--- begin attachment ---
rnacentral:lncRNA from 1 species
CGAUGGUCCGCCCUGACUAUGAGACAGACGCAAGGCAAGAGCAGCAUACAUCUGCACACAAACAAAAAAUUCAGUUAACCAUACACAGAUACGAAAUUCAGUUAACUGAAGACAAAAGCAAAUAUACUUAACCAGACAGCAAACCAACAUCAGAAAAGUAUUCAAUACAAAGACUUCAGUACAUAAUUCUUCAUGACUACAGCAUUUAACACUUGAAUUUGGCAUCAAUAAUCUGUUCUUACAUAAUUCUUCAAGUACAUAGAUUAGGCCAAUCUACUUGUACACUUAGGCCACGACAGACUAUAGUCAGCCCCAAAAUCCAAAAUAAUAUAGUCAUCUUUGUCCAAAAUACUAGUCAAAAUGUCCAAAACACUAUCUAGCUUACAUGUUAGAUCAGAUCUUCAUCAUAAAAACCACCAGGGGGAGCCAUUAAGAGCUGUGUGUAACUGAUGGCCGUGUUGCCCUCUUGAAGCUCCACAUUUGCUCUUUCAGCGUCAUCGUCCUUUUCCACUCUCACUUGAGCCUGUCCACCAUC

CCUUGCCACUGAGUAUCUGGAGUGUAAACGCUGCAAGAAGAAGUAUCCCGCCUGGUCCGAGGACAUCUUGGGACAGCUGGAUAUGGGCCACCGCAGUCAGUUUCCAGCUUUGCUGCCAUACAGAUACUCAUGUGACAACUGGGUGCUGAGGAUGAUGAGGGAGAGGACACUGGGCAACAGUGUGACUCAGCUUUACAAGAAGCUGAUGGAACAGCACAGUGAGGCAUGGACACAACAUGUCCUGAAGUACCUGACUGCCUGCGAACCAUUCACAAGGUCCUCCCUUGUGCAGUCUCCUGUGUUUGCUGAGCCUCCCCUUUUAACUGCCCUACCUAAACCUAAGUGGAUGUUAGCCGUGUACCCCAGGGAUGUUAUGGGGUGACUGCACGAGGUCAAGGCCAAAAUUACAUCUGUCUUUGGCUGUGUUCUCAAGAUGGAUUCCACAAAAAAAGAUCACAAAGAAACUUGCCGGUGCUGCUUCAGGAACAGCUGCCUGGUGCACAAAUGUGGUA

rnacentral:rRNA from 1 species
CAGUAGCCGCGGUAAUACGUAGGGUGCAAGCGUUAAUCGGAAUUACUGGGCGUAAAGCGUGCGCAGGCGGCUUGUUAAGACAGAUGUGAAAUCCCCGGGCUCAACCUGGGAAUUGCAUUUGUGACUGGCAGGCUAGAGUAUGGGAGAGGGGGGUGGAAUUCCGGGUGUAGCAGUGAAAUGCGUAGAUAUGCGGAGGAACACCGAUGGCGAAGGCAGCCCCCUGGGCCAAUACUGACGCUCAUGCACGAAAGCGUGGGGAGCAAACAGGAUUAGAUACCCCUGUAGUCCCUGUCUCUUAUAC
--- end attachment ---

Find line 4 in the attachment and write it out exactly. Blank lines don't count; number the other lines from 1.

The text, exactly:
rnacentral:rRNA from 1 species